First Look: The Microsoft .NET Micro Framework

Well actually it’s not a first look.  You might recall the .netcpu development kits that shipped over a year ago that I wrote a little bit on.  Well the TinyCLR went back into the Microsoft oven to bake a while more and samples were pulled out at MEDC 2006 for attendees to try.


What is the Micro Framework (.NET MF)?
It’s a very scaled down CLR and BCL that is capable of running on 32-bit architecture processors without any underlying OS.  Basically the MF has its own bootloader and OAL.  Developers write managed code (C# is the only thing supported in the community preview) that runs directly against the MF.  The MF code can directly catch interrupt vectors and set hardware pin states (how cool is that?).  The working size of the MF is ~250k. Yes 250k.


Where can I get the MF?
The MF is still in very early stages and isn’t quite ready for a broad release.  MEDC provided a somewhat controllable release area where immediate feedback could be gotten from users and the hardware was a specific known set.


What exactly did MEDC attendees get?
They got a SumoRobot kit that was based on the Parallax SumoBOT.  It was not just a Parallax bot.  It had a custom PCB running a non-commercial ARM processor.  That means that even if you get the SDK, you cannot just go get a Parallax bot and use it (I’ve been asked a few times about this now – sorry for not being clear on it at the conference).  The attendees also got a early SDK that allowed for development against the bot.  The lucky 40 or so who actually got hardware got to take it home.


On Tuesday I held a lab where I walked through development and how to test the hardware, plus provided a little sample code.  On Wednesday night those with SumoRobots got to test them in a competitioon against one another.


I’m jealous.  Where can I get MF hardware?
There isn’t anything available today, but the beta MF will be out in a few months and there are some hardware vendors working hard to have development kits ready to ship when that happens.  To keep up to date sign up at the MF web site.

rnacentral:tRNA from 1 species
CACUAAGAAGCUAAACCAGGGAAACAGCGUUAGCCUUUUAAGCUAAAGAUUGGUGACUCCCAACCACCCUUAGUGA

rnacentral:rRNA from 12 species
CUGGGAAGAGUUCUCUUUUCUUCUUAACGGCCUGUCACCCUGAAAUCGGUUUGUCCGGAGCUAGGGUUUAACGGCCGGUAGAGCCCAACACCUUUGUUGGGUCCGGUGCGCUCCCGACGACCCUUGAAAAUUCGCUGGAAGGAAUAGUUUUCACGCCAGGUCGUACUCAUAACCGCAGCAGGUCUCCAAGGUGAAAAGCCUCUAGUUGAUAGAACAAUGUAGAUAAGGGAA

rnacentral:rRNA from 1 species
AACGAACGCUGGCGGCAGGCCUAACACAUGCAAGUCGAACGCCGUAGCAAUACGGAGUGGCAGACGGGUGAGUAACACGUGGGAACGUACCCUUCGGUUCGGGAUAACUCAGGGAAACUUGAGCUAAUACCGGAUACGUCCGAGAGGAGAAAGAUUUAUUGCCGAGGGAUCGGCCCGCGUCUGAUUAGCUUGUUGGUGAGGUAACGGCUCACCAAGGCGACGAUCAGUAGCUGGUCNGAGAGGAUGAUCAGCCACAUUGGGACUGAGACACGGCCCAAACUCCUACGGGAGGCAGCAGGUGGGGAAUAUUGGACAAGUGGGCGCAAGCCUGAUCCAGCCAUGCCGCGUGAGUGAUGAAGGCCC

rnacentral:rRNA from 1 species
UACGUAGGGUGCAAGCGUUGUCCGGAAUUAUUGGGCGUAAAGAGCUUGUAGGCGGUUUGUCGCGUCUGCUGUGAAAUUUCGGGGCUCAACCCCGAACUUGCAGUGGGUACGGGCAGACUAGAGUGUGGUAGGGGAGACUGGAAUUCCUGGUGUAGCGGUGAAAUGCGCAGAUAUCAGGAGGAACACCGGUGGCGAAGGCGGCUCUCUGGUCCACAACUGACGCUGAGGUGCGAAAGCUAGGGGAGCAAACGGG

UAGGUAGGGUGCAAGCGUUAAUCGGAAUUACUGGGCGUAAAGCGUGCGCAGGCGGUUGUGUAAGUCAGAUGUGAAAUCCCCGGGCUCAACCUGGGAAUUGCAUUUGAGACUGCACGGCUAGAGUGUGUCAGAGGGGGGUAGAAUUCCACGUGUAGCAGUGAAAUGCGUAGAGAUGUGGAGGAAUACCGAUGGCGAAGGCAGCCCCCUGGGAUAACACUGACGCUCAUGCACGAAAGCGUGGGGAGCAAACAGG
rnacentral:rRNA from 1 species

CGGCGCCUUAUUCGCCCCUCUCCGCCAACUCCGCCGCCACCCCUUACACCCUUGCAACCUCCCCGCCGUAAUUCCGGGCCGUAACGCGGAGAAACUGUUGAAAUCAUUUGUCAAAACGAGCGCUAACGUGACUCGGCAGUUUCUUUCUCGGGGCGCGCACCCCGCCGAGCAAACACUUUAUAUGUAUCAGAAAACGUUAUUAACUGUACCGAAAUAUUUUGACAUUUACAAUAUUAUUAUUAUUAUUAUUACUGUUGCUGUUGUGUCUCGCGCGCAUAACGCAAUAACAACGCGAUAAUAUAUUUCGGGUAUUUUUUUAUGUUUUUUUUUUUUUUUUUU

Will OpenNETCF be doing stuff with the Micro Framework?
Silly question.  We already are.  We wrote the documentation for the SumoRobot and the lab and are working hard to make sure we can provide the value and platform extension work that you’ve come to expect from us.

2 thoughts on “First Look: The Microsoft .NET Micro Framework”

  1. Hey Chris… it was great to see you in Vegas last week. We (Infusion) were one of the lucky 40 or so who got a SumoBot kit, but unfortunately one of the IR sensors got disconnected in transit between the speaker room and Tao, and our SumoBot was blind in one eye. The poor thing kept attacking in circles. We lost in the first round. Too bad, our algorithm that Alex Yakhnin and Chris Nusca wrote kicked ass in the "loser free-for-all" we setup on the second floor.

    Now, my question to you, and the reason why I am asking it here is because it might be of interest to others: We have the new .NET Micro Framework on one side, and the new upcoming (June-July 2006) generation of Lego Mindstorms NXT on the other (mindstorms.lego.com). How do we connect the dots? The new NXT Intelligent Brick will be a 32-bit ARM7 microcontroller… which means it should be compatible with .NET MF, right? If someone wanted to use NETMF on a NXT, what do you predict would be required to get started?

    Like

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